While I can sympathise with the view that the Gallipoli Campaign was not a total failure I ultimately find that considering it to be a total failure the stronger position. The potential strength of the big picture is undone by the failure to capitalise on its place within the wider war. What is the point of talking about strategic gains if they are not looked at it the long run? I feel that these can only be considered as successes for the Gallipoli Campaign if they actually meant something. This is compounded by the fact that the ‘Easterners’ who argued that an alternative to the Western Front should be found became marginalised as a result of Gallipoli, and that, indeed, Gallipoli itself was always second fiddle to the Western Front. The strong case for Russia I feel is dismantled by three points. Firstly, Mulvey’s pointing out that it was the Germans that were really threatening the Russians. Secondly, James’ point that the Russians won the Battle of Sarikamish against the Ottomans. Thirdly, that Russia ultimately exited the war prior to its conclusion due mostly to the efforts of the Germans and internal pressures. Trung’s argument I find quite silly. I mean, he acknowledges that Gallipoli was a massive defeat, concludes that it should not have happened and then says it was not a total failure because the Allies managed to take a few trenches (and successfully withdraw). My research also showed a flaw in this thinking as, for example, Chunuk Bair was captured and then lost again[2]. The ‘not a total failure’ side also doesn’t focus so much on the details of the campaign, like the high casualties,[3] while the ‘total failure’ side does explore the strategic level. As a result, I cannot consider the ‘not a total failure’ to be as valid because the perspective doesn’t properly consider all aspects of the Campaign.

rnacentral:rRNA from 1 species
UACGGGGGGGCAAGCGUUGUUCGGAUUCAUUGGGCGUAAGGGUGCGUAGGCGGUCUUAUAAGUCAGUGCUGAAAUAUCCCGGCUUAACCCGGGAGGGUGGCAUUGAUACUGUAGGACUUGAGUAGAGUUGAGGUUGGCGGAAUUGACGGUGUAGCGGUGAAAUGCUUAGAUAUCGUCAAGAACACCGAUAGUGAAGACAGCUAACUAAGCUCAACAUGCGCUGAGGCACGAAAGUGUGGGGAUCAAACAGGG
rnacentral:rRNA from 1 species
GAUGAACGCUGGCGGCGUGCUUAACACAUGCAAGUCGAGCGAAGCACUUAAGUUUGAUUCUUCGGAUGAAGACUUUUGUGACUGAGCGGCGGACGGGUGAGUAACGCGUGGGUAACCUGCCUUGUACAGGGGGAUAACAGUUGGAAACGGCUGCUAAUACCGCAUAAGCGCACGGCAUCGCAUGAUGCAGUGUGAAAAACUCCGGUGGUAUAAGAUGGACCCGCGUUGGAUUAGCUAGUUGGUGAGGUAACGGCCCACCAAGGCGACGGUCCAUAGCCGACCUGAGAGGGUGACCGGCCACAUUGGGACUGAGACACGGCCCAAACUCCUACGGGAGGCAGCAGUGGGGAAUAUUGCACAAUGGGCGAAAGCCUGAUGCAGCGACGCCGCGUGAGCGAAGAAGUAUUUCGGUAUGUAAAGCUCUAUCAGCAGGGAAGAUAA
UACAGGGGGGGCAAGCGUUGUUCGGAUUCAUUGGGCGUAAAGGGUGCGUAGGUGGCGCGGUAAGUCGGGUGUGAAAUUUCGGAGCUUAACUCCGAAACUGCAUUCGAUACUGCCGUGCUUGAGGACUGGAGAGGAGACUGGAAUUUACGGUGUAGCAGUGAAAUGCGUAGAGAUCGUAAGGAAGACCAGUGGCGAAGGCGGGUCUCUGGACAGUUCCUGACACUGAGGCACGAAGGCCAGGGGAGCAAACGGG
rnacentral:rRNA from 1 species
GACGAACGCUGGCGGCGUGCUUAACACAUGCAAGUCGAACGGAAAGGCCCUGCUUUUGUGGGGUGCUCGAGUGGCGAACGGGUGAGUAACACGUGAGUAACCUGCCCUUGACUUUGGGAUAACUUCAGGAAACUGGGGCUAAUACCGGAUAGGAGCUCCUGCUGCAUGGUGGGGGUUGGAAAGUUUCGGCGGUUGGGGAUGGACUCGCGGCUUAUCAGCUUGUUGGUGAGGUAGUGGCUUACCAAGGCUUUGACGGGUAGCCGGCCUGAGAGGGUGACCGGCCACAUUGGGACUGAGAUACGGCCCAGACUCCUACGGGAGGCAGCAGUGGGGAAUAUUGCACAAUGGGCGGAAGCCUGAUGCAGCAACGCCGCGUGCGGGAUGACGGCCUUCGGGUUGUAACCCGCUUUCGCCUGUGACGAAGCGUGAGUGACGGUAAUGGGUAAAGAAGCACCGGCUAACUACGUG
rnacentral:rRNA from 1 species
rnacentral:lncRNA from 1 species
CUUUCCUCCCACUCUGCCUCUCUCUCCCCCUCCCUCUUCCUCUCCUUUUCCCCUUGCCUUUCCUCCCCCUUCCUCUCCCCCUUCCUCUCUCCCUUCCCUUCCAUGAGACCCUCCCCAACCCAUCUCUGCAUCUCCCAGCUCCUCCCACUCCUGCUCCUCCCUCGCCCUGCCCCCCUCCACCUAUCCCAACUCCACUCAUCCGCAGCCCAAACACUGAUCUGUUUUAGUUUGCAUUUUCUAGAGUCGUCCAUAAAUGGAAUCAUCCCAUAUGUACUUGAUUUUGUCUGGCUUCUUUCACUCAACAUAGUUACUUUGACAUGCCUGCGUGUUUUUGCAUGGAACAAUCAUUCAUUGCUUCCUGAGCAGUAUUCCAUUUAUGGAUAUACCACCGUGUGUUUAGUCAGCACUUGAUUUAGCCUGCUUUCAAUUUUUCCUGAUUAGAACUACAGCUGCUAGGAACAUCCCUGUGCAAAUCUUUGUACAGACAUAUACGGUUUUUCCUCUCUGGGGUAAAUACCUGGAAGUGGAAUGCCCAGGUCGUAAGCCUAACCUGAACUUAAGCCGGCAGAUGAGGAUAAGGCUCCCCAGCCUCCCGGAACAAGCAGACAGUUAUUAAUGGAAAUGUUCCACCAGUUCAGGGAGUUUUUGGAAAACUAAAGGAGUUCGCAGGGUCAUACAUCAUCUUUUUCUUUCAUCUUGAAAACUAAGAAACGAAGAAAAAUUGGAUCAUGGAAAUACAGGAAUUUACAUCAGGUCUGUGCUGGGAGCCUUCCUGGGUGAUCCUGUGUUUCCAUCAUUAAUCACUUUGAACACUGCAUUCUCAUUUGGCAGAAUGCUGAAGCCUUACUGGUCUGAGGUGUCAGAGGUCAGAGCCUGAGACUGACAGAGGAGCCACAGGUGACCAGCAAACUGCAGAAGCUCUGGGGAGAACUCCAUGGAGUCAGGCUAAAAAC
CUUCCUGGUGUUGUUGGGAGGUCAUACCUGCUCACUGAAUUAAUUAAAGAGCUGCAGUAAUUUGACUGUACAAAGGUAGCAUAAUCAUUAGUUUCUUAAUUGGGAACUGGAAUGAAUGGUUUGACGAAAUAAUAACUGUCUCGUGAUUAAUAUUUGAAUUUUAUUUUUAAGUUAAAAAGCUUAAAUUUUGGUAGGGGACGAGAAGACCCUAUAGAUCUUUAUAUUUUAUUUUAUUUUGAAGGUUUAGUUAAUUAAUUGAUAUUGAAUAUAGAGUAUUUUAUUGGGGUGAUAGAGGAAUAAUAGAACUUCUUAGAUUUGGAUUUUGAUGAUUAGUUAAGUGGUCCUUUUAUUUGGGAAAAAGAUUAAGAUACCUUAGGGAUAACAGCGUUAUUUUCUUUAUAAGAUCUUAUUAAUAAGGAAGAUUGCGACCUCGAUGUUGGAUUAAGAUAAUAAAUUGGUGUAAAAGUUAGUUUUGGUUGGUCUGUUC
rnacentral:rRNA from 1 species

[2] “But the forward trenches were finally overrun and the New Zealanders pulled back.” Shattered Glory, Matthew Wright, pg. 142